I have been fortunate over the course of my career to have worked with a wide variety of Boards in both the independent school and public education sectors. Without exception, the members of each and every one of those Boards were honourable and conscientious people who had a genuine interest in improving the quality of education for the students in the school or school system that they served.
Were they all effective Board members? No. Did they all rise above petty issues and self-interest to work in the best interests of the long-term health of the institution? Not always. Did the Boards on which they served consistently make effective decisions to ensure the sustainable growth of their schools? Not necessarily.
What then prevented these well-meaning people from exercising effective strategic leadership and oversight? For the most part, it was a basic lack of understanding of the principles of good governance.
Many schools and Boards run into difficulties when the Board loses sight of its designated purpose and instead wanders into the realm of school administration. In actual fact, rather than focusing on their actual responsibilities, Board members far prefer to get into the “fun stuff” of micro-management. Once a Board makes this mistake, there is no longer an arm’s length body in place to ensure the continued health and growth of the school.
Why does this happen? There are a number of reasons. In some cases, Board members – particularly parents – might be the founders of a school. Having established its organization, structure and mission, they are then unable to let go. They hire a Head to take over the actual management of the school but continue to critique major programme and financial decisions in order to protect their “baby”.
Occasionally, Boards move in when there is a leadership vacuum. When a school goes through a series of short-term Heads, or when the school is under the stewardship of an interim Head, or when a sitting Head is perceived to be weak or ineffectual, Chairs and Boards will often take a greater and greater role in the day to day direction of operations.
A third instance of over-involvement by governors comes when individuals are unable to remove their parent or alumni hat when they sit at the Board table.
Conversely, Boards can take such a hands-off approach as to be virtually invisible. Ironically, the stronger and more effective the Head, often the more weak and ineffectual the Board. After all, why mess with success? The answer obviously is that for sustainability, a school cannot be a one person show. The best Heads know this, and welcome serious discussion of issues and effective oversight at the Board table.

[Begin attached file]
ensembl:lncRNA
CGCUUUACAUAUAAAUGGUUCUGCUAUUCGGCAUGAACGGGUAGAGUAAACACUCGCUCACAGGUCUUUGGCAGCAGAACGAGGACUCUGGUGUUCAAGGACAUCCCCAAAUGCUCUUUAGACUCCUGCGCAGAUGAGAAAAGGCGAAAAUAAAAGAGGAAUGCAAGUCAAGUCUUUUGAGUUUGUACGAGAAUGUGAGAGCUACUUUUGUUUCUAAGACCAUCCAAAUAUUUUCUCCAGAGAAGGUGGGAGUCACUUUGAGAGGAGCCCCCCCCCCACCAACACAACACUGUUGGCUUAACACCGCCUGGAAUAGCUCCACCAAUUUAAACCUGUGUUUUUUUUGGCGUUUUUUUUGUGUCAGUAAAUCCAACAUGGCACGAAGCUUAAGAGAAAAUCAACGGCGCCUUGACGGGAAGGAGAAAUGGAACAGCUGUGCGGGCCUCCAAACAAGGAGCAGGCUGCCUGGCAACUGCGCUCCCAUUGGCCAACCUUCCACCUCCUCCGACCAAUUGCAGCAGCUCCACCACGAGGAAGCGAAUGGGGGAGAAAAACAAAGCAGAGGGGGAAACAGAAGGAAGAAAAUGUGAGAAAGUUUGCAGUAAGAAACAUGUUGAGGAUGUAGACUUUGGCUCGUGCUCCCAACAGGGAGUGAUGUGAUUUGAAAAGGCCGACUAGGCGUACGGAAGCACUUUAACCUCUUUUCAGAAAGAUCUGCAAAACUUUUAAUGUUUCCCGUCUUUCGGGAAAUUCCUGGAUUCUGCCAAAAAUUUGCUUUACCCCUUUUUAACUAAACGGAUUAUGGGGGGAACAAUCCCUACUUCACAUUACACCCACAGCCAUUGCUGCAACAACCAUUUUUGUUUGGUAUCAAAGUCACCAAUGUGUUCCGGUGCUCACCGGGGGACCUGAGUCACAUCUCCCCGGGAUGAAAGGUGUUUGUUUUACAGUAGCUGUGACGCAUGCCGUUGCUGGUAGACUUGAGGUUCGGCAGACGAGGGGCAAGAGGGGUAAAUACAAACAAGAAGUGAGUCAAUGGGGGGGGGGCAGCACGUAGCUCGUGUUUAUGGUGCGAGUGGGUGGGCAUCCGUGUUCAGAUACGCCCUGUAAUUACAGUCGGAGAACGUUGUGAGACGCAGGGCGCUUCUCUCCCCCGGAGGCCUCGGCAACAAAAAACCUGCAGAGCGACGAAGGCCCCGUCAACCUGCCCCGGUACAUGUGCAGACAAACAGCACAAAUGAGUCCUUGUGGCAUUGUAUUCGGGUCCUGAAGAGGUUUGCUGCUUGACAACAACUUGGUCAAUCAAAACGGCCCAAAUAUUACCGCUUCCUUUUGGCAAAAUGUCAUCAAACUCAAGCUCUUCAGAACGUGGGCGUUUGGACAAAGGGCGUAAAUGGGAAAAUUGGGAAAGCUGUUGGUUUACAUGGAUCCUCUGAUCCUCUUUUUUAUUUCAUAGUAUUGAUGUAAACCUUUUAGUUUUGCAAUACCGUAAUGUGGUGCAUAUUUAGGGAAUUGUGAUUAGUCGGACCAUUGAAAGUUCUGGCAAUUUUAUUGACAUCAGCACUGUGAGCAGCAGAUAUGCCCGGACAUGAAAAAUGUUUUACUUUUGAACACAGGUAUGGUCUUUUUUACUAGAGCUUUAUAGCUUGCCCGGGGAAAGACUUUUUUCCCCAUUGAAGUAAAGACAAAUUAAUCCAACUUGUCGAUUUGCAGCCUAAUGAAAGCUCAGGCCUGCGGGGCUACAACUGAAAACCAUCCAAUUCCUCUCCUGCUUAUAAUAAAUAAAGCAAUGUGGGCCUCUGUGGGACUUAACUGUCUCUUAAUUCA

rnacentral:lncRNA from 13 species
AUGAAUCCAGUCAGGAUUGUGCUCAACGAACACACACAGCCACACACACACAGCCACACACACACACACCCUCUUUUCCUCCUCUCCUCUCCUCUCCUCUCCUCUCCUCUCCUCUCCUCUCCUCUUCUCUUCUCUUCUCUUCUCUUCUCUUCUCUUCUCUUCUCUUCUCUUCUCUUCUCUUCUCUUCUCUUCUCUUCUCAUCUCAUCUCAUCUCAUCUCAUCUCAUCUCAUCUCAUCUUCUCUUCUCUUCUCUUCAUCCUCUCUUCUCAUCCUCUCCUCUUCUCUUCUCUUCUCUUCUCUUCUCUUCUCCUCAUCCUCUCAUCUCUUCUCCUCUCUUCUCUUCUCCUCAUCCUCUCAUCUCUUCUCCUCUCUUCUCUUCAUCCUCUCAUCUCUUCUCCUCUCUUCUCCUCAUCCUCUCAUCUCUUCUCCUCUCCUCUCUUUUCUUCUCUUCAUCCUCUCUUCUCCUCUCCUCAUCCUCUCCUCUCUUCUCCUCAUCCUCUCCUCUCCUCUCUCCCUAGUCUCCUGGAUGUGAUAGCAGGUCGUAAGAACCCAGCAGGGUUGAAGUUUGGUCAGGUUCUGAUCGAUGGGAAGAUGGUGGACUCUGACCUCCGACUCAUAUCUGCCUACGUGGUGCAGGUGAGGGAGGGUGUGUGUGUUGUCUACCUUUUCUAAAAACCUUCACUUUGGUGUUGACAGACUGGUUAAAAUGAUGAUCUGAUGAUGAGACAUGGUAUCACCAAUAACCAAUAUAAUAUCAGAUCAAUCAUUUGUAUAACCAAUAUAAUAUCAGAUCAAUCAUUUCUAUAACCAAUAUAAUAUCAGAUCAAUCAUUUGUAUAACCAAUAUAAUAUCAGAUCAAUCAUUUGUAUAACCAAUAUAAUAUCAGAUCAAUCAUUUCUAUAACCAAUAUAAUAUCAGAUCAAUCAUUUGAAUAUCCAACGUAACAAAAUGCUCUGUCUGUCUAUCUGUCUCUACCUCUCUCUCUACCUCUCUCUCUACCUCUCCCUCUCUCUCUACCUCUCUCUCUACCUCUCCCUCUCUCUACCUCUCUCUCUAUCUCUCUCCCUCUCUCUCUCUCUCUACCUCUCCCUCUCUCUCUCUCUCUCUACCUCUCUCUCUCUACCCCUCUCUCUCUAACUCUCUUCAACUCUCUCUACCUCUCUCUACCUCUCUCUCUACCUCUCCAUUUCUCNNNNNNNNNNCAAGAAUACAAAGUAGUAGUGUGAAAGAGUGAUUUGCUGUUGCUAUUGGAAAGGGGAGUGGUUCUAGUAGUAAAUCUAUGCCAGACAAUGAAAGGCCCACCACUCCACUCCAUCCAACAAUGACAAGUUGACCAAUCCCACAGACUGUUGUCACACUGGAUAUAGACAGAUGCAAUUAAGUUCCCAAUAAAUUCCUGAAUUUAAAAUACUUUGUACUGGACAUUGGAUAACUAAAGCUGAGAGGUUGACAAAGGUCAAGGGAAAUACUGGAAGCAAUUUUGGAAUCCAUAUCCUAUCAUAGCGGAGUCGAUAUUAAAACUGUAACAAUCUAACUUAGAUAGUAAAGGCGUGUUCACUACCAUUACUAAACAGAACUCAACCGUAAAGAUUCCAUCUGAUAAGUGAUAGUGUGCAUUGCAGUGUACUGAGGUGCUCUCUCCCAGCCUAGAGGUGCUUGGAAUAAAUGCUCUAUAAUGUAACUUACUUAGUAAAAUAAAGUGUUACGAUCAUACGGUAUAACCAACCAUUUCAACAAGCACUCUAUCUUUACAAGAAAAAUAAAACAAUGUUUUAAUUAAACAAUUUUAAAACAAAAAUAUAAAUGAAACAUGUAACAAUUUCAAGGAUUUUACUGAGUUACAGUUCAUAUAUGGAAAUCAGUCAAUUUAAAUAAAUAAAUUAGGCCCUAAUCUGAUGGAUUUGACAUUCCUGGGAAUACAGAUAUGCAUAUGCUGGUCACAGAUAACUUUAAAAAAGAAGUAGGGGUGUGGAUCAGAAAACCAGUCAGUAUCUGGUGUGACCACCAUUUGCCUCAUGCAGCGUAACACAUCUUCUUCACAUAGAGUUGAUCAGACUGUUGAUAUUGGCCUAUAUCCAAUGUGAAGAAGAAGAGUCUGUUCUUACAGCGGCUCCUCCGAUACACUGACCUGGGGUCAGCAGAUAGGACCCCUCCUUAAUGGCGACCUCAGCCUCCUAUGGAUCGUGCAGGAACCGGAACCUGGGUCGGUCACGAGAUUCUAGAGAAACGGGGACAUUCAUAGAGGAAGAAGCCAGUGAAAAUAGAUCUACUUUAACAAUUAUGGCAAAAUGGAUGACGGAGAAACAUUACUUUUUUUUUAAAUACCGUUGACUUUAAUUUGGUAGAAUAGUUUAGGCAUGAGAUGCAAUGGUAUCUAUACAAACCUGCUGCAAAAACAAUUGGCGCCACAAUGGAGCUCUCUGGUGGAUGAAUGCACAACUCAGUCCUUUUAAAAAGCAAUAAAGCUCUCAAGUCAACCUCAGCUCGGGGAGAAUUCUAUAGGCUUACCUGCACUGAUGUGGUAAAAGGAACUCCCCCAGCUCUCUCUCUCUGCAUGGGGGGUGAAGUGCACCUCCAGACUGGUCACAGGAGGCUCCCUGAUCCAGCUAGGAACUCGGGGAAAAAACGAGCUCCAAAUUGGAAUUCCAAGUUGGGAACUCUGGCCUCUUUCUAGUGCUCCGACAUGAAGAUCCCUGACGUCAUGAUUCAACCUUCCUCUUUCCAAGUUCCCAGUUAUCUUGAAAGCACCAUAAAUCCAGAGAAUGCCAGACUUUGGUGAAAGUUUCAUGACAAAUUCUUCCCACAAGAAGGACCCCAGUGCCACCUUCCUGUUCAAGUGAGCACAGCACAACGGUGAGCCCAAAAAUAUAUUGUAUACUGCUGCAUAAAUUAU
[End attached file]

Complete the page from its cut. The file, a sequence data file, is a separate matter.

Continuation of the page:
However, not all Heads welcome being challenged or questioned on their ideas. A few years ago I was visiting a highly successful and long-serving Head of School and he recounted an incident that had happened at the previous night’s Board meeting.
The Board was about to vote on the Head’s plan to expand programmes and facilities and there were a number of Board members who felt that the school, which already had a significant debt load, was overextending itself. After a heated discussion, the Head announced that he was going to turn his back on the Board “so that I don’t see which Board members are stupid enough to vote against this great idea”.
He boasted to me that, of course, his plan was approved. Interestingly, within a year of that meeting he “retired”, and his project remains shelved to this day. The Board Chair confided in me afterwards that his turning his back on the Board actually galvanized the Governance Committee to re-think the role of the Board and to acknowledge the fact they had let their oversight function atrophy over the previous few years. An attempt by the Head to bully the Board had actually resulted in a renaissance in governance at the school.
There is no question that Boards are all over the spectrum. They range from passive cheerleaders to aggressive meddlers and everything in between.
Primarily however, Boards end up playing roles outside of their actual mandate simply because they lack a clear understanding of what that mandate is.
Research shows that there are three key principles for effective Board practice:
- To be Visionary (not short-sighted) in its outlook;
- To be Strategic (not operational) in its actions; and,
- To be Vigilant (not vigilante) in its oversight.
Over the next few posts, I want to look at what that means in a practical sense for good governance.